Drukhari are very likely going to be a big focus for me as 2019 moves along. It’s an army that I’ve loved since the very first game I had against Blood Angels, and I knew it was something I wanted to pursue and try to improve with. This year, I’ve got quite a few momentous events happening, between hoping to move house at some point over the summer, then the birth of my firstborn due in October – I doubt I’ll have much time to go as wide with the hobby as I have been up to this point!!!!!

Deathwatch vs Drukhari: a postmortem

Hey everybody!
Had a very disappointing game against Deathwatch yesterday, so thought I’d come along here and ramble about it for a bit. Because, y’know, why not?

I was playing at my local store against a guy I’ve played before, albeit with different lists. While in our previous match I’d been Necrons, he’d also included a different line-up and it was a smaller-scale game (1250 points, I think). We’d upped things to 1750, and I thought it was about time I brought out the Drukhari, given that I’ve not been playing them nearly as much since the Codex came out, and it’s really time to get my head around all the stuff they can do!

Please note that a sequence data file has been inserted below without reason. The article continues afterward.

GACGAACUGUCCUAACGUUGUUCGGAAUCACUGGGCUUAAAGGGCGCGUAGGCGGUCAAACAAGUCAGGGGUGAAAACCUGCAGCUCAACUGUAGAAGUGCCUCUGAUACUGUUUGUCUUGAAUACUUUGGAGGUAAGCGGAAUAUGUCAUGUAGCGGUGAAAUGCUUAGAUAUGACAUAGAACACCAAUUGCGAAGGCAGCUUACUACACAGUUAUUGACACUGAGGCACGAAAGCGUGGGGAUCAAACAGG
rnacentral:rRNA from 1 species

Firstly, then, my list:

It’s a list that I’ve used in similar configuration before, when I had a game back in December against Orks. I’d initially considered using Wych Cult models alongside the Kabal portion, similar to what I was talking about last month, but in the event I wasn’t going to get all of the models that needed painting finished in time. We both went over a bit, mainly because he was bringing Knights to the party, so I felt no shame in squeezing in a second haemonculus to make it two battalions for 13 command points. I made one of the haemonculi the warlord, putting both in their own Venom, then used the Kabal as the main thrust of my army.  The plan was to use the Kabal as a main threat and keep everything at range, while the Coven portion went up the sides and attempted to create a melee charnel house.

Deathwatch vs Drukhari, round one

This plan did not last nearly as well as I thought it might, given that I went second, losing a lot of my firepower and mobility thanks to both Ravagers being blown off the table, as well as two of the Raiders being brought down to extreme low health. Urgh! We were playing Supplies from Above, one of the new missions from Chapter Approved 2018, and one that I’ve played previously in a smaller-scale Necrons vs Tempestus Scions game, and can be a lot of fun in the smaller setting. With a lot of table to cover, though, it proved to be a different experience.